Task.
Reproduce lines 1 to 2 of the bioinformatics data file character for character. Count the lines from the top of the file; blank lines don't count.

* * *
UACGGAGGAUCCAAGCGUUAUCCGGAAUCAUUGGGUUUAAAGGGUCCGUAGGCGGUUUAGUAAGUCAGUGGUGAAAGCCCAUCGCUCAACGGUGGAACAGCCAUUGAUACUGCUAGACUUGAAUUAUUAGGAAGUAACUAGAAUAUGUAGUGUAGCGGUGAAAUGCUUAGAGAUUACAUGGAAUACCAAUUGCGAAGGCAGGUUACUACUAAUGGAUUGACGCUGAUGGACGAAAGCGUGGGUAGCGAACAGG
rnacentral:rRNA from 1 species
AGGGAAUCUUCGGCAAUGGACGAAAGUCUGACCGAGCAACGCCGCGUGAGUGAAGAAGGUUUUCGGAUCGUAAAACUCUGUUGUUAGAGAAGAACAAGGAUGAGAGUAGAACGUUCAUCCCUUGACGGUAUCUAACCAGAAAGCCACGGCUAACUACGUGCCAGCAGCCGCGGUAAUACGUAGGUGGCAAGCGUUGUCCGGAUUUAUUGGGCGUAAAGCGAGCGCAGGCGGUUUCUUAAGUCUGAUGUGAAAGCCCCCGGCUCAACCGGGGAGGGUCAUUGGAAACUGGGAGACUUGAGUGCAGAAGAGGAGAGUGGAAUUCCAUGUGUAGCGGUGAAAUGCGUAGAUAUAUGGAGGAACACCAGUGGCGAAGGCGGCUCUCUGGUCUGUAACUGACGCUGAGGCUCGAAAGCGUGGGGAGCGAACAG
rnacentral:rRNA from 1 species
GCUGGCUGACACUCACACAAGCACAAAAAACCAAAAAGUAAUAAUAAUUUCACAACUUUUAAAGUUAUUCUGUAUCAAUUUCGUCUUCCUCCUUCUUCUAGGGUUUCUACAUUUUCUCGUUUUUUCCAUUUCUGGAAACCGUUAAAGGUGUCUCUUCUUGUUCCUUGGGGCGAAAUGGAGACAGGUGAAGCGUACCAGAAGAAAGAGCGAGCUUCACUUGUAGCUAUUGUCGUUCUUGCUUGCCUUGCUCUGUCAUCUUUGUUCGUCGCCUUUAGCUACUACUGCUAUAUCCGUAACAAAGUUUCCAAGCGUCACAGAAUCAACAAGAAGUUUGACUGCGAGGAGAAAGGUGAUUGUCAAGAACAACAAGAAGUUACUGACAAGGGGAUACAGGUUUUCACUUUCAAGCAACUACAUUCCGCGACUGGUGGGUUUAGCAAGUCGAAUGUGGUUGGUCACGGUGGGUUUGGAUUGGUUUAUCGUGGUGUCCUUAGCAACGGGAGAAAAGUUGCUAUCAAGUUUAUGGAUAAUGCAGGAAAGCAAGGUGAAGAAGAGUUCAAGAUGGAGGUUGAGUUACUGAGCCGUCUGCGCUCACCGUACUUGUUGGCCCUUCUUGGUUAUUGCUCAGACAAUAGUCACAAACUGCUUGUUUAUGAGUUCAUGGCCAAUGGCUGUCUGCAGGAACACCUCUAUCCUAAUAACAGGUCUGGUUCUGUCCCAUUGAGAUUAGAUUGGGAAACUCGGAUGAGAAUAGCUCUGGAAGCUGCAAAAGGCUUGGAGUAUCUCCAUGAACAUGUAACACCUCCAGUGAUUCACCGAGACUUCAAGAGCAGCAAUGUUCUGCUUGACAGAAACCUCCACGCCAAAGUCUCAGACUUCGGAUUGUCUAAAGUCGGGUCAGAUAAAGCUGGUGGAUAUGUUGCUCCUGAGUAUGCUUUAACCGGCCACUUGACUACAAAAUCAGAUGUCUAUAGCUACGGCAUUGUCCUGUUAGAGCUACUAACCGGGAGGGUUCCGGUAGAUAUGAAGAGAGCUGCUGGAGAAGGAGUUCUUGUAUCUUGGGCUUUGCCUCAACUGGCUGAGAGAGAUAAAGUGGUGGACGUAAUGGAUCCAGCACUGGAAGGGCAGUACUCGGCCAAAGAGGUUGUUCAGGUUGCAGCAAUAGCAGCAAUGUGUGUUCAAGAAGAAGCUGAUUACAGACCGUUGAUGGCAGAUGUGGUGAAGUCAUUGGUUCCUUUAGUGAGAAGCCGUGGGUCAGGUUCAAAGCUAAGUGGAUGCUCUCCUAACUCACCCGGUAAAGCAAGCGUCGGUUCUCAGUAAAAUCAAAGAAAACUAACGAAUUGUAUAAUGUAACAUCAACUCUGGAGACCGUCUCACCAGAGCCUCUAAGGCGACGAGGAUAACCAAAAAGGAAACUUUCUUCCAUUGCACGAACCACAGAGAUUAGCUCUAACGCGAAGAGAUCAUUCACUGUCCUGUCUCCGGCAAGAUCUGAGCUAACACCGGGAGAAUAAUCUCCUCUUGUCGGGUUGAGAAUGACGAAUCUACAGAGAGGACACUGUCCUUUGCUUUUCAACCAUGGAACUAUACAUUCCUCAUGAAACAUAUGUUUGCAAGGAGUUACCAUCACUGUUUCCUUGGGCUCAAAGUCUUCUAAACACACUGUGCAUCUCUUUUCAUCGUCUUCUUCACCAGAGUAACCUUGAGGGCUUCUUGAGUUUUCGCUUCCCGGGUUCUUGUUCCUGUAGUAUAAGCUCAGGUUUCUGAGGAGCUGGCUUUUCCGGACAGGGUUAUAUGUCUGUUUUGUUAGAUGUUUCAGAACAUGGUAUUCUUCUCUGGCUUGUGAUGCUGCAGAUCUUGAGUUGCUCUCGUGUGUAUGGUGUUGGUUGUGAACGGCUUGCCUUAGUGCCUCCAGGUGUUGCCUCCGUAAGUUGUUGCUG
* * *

UACGGAGGAUCCAAGCGUUAUCCGGAAUCAUUGGGUUUAAAGGGUCCGUAGGCGGUUUAGUAAGUCAGUGGUGAAAGCCCAUCGCUCAACGGUGGAACAGCCAUUGAUACUGCUAGACUUGAAUUAUUAGGAAGUAACUAGAAUAUGUAGUGUAGCGGUGAAAUGCUUAGAGAUUACAUGGAAUACCAAUUGCGAAGGCAGGUUACUACUAAUGGAUUGACGCUGAUGGACGAAAGCGUGGGUAGCGAACAGG
rnacentral:rRNA from 1 species